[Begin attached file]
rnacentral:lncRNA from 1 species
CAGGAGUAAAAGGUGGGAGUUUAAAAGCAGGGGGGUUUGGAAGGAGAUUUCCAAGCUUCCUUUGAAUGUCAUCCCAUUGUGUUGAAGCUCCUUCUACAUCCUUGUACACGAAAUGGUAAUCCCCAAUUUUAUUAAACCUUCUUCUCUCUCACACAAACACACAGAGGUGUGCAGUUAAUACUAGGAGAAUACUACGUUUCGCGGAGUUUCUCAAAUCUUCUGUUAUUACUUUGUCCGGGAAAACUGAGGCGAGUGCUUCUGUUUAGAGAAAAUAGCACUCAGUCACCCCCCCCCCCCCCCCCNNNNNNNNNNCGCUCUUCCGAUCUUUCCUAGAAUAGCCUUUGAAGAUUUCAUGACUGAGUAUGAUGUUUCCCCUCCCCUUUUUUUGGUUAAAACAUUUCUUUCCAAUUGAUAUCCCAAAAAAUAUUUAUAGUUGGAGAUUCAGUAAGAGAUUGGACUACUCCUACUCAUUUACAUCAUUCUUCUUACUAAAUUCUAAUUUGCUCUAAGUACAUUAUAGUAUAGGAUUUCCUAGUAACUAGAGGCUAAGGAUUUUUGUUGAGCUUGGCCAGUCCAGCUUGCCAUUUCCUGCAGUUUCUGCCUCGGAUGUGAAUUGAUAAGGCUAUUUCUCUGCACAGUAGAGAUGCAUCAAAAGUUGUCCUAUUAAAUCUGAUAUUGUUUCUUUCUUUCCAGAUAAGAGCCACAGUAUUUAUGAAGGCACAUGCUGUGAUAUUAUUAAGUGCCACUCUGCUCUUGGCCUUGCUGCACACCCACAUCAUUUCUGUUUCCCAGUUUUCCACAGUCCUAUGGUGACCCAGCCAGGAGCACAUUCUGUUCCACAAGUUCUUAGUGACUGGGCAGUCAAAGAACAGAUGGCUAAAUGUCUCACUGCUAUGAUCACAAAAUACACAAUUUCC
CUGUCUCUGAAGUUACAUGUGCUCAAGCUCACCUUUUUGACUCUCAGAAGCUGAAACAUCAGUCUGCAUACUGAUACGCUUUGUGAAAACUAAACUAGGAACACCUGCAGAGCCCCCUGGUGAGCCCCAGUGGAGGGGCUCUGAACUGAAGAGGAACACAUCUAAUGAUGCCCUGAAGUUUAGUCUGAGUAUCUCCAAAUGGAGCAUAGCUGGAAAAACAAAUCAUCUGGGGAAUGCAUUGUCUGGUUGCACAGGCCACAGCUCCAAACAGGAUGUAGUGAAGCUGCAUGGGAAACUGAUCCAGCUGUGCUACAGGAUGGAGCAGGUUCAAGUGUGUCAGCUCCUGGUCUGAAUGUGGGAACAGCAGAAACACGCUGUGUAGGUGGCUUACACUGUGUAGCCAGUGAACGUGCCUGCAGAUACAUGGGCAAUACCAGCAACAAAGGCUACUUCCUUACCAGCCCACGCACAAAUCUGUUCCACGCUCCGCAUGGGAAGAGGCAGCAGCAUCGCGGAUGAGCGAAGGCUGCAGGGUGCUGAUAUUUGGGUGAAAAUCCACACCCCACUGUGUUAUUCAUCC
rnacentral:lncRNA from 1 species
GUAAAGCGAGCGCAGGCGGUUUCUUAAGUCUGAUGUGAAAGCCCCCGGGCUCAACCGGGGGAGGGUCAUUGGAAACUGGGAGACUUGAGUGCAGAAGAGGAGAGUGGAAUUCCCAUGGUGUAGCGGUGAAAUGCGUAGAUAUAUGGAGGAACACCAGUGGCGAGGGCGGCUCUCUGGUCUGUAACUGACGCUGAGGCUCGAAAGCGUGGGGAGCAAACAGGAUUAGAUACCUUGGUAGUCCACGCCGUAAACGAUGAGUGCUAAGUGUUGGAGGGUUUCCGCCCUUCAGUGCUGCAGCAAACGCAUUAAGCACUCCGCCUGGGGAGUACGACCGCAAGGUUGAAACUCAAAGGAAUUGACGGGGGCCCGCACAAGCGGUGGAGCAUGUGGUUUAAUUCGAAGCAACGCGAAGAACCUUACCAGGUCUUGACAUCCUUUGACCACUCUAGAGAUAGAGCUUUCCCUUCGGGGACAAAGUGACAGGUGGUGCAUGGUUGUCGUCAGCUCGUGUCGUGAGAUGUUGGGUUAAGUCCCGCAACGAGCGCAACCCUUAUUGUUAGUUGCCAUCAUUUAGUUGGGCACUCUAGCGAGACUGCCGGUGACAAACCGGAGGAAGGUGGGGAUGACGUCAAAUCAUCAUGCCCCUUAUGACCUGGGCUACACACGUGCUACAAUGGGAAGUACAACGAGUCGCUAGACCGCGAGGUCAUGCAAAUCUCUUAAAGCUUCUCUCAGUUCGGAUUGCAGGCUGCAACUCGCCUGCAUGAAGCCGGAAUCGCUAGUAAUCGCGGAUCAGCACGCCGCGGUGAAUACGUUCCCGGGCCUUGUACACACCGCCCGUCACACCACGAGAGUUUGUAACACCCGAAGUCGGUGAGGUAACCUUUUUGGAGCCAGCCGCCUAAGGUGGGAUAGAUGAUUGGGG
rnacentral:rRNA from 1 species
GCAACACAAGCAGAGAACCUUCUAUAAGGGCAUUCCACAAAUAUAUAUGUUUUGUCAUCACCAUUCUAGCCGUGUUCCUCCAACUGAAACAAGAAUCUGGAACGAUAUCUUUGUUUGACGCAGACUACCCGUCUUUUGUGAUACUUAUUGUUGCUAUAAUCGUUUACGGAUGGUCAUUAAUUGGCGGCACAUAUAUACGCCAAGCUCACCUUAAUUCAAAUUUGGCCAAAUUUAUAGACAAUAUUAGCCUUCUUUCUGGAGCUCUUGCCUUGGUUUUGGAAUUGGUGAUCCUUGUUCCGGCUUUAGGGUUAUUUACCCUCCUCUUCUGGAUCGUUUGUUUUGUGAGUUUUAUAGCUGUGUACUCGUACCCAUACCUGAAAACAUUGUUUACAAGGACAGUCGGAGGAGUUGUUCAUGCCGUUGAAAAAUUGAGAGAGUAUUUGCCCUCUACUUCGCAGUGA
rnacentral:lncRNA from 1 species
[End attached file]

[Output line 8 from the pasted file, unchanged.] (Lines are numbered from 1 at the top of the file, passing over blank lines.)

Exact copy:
rnacentral:lncRNA from 1 species